By Alex Barthet
Owners are always eager to cancel any recorded liens. What a lot of contractors don’t know is that there are actually legal ways in which a lien can be extinguished.
Notice of Contest of Lien
One way to accomplish this is to serve a Notice of Contest of Lien. Specifically, the lien upon whom such notice is served shall be extinguished automatically unless the lienor institutes a suit to enforce his or her lien within 60 days. The clerk shall mail a copy of the Notice of Contest to the lien claimant at the address shown in the Claim of Lien. Service shall be deemed complete upon mailing. The Notice of Contest acts by operation of law to automatically discharge a lien on 60th day without any intervention of the court.
Filing Suit to Show Cause
A more drastic method for shortening the limitation period associated with a Claim of Lien is to file a complaint against the lienor demanding that the lienor show cause why the lien in question should not be vacated. Upon the failure of the lienor to show cause why the lien should be enforced or the lienor’s failure to commence such action before the return date of the summons, the court shall immediately order cancellation of the lien. A lienor’s motion for extension of time to respond to the property owner’s motion for discharge of lien does not constitute “good cause” as required by the mechanic’s lien statute for tolling of the statutory 20-day period. Strict compliance with statutory provisions is required in order to protect a lien. The court has no discretion to extend the 20-day period, even if the lienor requests additional time to obtain counsel.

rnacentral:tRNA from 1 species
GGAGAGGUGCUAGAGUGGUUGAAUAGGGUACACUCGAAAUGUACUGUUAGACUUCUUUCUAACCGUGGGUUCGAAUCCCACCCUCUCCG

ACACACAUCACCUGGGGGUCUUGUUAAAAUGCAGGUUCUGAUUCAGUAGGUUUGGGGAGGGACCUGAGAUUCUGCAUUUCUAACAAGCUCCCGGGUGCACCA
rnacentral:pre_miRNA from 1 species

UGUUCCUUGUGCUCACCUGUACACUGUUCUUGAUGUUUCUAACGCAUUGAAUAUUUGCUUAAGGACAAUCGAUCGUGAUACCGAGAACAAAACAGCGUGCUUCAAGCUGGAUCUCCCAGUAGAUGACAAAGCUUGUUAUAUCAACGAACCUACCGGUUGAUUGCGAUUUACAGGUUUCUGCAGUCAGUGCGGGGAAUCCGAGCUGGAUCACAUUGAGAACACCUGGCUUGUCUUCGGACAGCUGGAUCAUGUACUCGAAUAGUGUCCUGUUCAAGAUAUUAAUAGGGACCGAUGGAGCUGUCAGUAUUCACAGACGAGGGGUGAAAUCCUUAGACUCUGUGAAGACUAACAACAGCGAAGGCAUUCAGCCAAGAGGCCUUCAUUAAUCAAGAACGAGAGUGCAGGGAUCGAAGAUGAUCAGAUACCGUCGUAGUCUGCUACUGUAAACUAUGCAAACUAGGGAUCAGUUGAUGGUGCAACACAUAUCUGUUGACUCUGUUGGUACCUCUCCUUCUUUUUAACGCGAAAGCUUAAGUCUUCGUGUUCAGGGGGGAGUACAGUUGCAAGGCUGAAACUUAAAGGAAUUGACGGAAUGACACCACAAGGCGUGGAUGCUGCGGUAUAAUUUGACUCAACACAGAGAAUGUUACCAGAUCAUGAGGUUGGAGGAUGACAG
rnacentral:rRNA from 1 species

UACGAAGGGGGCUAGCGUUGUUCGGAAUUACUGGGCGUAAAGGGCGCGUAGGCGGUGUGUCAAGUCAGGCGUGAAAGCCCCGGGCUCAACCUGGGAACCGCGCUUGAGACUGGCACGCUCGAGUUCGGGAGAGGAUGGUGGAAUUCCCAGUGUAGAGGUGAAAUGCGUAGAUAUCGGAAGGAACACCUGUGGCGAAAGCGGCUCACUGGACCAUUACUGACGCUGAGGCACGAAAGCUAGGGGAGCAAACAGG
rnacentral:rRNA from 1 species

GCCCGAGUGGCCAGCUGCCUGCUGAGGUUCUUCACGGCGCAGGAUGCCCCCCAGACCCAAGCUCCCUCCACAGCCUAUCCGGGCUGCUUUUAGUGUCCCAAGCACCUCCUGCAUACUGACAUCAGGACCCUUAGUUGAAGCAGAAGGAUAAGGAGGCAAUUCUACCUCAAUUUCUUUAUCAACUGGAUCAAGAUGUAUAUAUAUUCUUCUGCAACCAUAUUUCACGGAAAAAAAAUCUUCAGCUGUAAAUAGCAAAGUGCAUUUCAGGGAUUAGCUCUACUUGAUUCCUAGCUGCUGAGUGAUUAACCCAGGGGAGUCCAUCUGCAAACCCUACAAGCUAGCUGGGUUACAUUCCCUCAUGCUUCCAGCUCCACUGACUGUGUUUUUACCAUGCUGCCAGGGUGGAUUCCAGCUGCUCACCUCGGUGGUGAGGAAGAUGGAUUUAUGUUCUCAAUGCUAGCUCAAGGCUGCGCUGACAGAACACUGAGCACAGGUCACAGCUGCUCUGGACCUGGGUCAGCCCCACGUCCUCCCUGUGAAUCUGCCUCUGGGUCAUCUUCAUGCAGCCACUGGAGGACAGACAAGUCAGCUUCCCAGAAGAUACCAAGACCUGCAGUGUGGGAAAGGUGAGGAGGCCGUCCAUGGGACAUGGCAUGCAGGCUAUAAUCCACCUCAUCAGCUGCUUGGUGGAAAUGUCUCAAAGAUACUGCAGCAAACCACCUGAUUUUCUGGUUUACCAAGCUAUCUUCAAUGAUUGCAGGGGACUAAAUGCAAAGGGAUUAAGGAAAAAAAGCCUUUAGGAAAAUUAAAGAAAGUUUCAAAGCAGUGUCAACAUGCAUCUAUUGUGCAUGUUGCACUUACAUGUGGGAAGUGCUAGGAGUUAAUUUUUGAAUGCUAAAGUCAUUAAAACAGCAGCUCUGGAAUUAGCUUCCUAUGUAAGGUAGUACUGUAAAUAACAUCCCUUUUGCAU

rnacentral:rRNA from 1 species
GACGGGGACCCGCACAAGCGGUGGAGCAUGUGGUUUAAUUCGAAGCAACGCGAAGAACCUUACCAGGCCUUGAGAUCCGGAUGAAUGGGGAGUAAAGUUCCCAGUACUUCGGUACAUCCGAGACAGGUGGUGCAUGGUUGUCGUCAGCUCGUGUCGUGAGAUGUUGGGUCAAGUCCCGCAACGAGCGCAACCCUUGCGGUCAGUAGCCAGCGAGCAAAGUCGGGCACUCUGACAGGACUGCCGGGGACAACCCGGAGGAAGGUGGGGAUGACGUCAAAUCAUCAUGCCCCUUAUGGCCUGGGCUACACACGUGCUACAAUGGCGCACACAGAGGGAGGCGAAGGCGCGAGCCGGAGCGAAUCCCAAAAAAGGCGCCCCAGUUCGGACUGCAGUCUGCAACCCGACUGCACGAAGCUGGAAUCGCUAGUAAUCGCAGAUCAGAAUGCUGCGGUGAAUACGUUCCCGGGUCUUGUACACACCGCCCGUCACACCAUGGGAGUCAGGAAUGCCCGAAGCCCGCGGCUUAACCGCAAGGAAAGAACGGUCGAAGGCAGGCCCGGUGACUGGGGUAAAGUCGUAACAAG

All pretty harsh results – lienors should not assume that their liens will remain in place for a year when confronted by either a Notice of Contest of Lien or a suit to show cause why a lien should be enforced. Ignoring these filings would be a big mistake.